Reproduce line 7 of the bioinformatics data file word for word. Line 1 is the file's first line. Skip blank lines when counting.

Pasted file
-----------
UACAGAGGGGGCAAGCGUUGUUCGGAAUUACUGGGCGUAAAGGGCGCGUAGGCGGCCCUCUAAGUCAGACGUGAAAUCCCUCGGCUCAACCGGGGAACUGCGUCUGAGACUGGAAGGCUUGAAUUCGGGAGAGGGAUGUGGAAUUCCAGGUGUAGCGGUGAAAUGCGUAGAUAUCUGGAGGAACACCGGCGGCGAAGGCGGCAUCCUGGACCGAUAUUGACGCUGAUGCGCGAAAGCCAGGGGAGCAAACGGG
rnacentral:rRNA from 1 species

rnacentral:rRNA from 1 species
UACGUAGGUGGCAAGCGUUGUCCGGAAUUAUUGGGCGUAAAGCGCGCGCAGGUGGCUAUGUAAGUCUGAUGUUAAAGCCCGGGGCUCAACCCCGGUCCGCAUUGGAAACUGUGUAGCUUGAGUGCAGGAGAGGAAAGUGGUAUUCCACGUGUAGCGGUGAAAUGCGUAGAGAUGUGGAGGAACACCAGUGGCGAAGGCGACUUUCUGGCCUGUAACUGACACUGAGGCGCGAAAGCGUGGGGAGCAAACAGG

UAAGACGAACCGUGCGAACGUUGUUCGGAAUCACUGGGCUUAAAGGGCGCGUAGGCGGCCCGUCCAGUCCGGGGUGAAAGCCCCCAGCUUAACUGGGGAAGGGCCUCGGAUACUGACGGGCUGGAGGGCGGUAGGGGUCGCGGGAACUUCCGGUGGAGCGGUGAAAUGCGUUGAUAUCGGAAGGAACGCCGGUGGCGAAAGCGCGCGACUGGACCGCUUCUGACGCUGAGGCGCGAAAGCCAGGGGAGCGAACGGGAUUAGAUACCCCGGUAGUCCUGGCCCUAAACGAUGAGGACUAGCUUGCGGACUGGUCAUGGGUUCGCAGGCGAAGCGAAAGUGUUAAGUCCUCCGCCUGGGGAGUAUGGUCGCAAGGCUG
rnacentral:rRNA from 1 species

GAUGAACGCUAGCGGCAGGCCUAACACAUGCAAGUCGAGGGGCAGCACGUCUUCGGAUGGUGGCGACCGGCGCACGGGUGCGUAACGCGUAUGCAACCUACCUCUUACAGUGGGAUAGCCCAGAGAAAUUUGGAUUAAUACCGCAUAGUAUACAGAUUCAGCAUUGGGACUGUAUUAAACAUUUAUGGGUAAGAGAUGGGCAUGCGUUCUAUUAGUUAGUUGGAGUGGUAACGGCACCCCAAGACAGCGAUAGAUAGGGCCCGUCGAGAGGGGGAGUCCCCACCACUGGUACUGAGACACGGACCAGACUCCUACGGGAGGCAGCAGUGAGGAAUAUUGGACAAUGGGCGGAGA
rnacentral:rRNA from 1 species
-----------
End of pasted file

GAUGAACGCUAGCGGCAGGCCUAACACAUGCAAGUCGAGGGGCAGCACGUCUUCGGAUGGUGGCGACCGGCGCACGGGUGCGUAACGCGUAUGCAACCUACCUCUUACAGUGGGAUAGCCCAGAGAAAUUUGGAUUAAUACCGCAUAGUAUACAGAUUCAGCAUUGGGACUGUAUUAAACAUUUAUGGGUAAGAGAUGGGCAUGCGUUCUAUUAGUUAGUUGGAGUGGUAACGGCACCCCAAGACAGCGAUAGAUAGGGCCCGUCGAGAGGGGGAGUCCCCACCACUGGUACUGAGACACGGACCAGACUCCUACGGGAGGCAGCAGUGAGGAAUAUUGGACAAUGGGCGGAGA